She is an impressive lady, and about as hi-tech as the old SAR locos got. Originally designed as a Class 25 Condenser, these class 25’s were used extensively on the long stretches in the Karoo where water is scarce. They re-used their water and were extremely efficient. This particular 25 is number 3472, and somewhere along the line she lost her condensing capability and was converted into a normal class 25. She is a bit too big and heavy on coal and water for day trips, but she makes up for it by being visually very impressive and a firm favourite amongst steam buffs.
Saturday 01 October 2011.
This morning I decided to go do some linesiding. For those that are not in the know, its when you head out to some obscure section of railway, preferably on a hill, free of any obstructions, and then wait for your train to come along. Today’s steam engine was the very impressive Class 25NC-3472 Elize, operated by Reefsteamers.
Sadly, today was lousy weatherwise, it was (still is for that matter), overcast and very windy, not really ideal photography weather at all. I was at my spot at roughly 09H45, waiting, kicking stones, taking long looks through the viewfinder and trying not be too bored. Geminis don’t do standing around very well.
She finally came past about an hour later, hurtling up the hill with nary a puff of smoke or steam. Then the chase was on, to reach Magaliesburg before she did.
By the time you reach the road that loco has a head start, and if nothing delays her at Tarlton theoretically you are cutting it close. However, today a bakkie decided that 30km/ph was the speed and a line of roughly 15 cars sat behind him as he dawdled along. Overtaking was not possible or advisable.
As I reached the last stretch to Magalies I saw the loco and her coaches approaching the level crossing, it was going to be a close one, there were 4 cars in front of me, would I make it? Naturally I didn’t. There is no way I will try take on a thumping great steam powered engine in my tiddly car and I grabbed the camera and filmed her as she went through the level crossing, whistle screaming for everybody to get out of the way or get squished.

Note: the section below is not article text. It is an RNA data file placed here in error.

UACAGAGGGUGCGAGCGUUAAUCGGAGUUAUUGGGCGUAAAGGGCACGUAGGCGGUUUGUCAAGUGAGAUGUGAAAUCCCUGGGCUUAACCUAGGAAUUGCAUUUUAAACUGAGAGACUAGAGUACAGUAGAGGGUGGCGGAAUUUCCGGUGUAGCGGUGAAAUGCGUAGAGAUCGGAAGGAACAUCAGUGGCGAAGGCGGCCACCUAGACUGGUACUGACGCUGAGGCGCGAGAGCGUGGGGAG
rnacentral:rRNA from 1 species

I ended up at my other fav spot near the goods shed, watching her tackle that hill from a standing start. I have to admit, steam engines still make for the best photography when it comes to effort. 15F-3046 Janine is fun to watch and feel on that hill, she shakes the building as she goes past.
There is video available at http://www.youtube.com/watch?v=bZk1uHtO4do
Once she was turned around (quite a process in itself), I was ready to head off gravehunting again and I had scheduled two tasks for today. My first task was to get GPS co-ordinates for the one Steenkoppie site. Naturally my stupid GPS said I was somewhere in Roodepoort, its the same problem I had last time I tried to get these co-ordinates, only that time it said I was in Randfontein. After much ranting and raving at Garmin, the Tannie inside the GPS and thorn trees in general I was all finished, and I could head off to my next task which was roughly 14 kilos east of where I was.
I had been in this area before, investigating what I thought was the battlefield for Dwarsvlei (which it wasn’t). Those images are in my camera which went AWOL at Blaauwbank. For once the tannie in the GPS was right and I was soon standing at Weltevreden 493. As farm cemeteries go, this was a well maintained one. I have been in much worse. Its quite interesting when you find these cemeteries to see the same surnames crop up. This one was predominantly Oosthuizen, Duvenhage and Viljoen. Now where had I see those names before? Cem photographed it was time to head home.
All in all it was a productive day, all tasks were accomplished, more data was collected, a train was admired, batteries were flattened and the rain stayed away. I don’t think that will be for long though, its looking pretty grim outside, and the weather forecast is for light rain. We will see what happens tomorrow……
DRW © 2011-2018. Images recreated 19/03/2016, link recreated 03/03/2018